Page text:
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Marilyn Heltzer: Life is all about demographics and genetics

First, let’s talk about demographics. I never gave ‘em a thought in my younger years.  But as I’ve aged, I’ve been paying more attention.  Maybe it’s all the surveys and statistics, and the attention we elders have received.  

 I’m a member of the Silent Generation. We were born between 1928 and 1945.

Then there are the Boomers.

My kids, who aren’t kids anymore, fall into that category, The GenXers  were born between 1965 and 1980 and the Milennials 1981 and on.

I took a test  put out by the Pew Research Center and discovered that my beliefs and behaviors are closer to those of the Boomers than my own, the Silent Generation. And if we believe all of the statistics and all of the studies, we surely know that it’s all about demographics.

But the older I get (see, demographics again) the more I believe that every single human being has been put on this earth as an individual, and we each have a mission to fulfill during our years on the planet. And that’s another topic: our faith journey.

We’ll get to that in a few paragraphs.

Now, besides demographics, there’s genetics. We all have inherited traits. I’ve got little eyes and a little nose and my hair went white at an early age, just like my dad’s and my grandma’s.  When my third daughter was born, the nurse asked, “Do you think the baby is okay?” I think it was those facial characteristics that troubled her.  The physician who had just delivered the baby said, “Take a look at the mother.” Yep. Those hearty genes came down through at least four generations.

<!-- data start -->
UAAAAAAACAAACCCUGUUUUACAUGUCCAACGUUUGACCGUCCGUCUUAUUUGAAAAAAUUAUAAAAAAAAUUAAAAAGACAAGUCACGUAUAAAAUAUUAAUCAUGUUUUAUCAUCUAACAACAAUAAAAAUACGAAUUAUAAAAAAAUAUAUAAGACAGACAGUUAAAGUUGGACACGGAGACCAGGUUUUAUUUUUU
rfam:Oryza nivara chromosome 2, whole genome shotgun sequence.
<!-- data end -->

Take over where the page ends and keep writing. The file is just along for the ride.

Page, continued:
Now, my own mother was a kind and caring person. I hope I’ve inherited those traits from her. But in the physical department, there’s the tendency to put on weight and oh, the big boobs. Mom had ‘em, too, God rest her soul.

She and my dad also led me into a belief system, I’m a life-long Lutheran. But again, the older I get, the more liberal I become. And that’s both politically and in what I believe when it comes to my faith.  

Yes, it’s all demographics and genetics

 And maybe music. That’s generational, too.  I can sing the tunes introduced by Perry Como and Dinah Shore and even Mario Lanza. But Miriah Carey?  Justin Bieber? Beyonce? I thought I was pretty up to date when I could sing Beatles tunes. But only Sir Paul and Ringo are still going strong. I do remember their introduction the Beatles received to the folks watching TV when the four of them were on Ed Sullivan Show. Poor Ed. He’s long gone, too.   

And we, dear aged friends, have one big adventure left. We will simply die. Some believe that there’s nothing beyond this life.

Some of us believe differently. And yes, I do believe that it’ll be an adventure that none of us is prepared for.  Which brings me back to faith. Which is, after all, the most important thing.

Easter’s just ahead. Bless you  all, dear readers.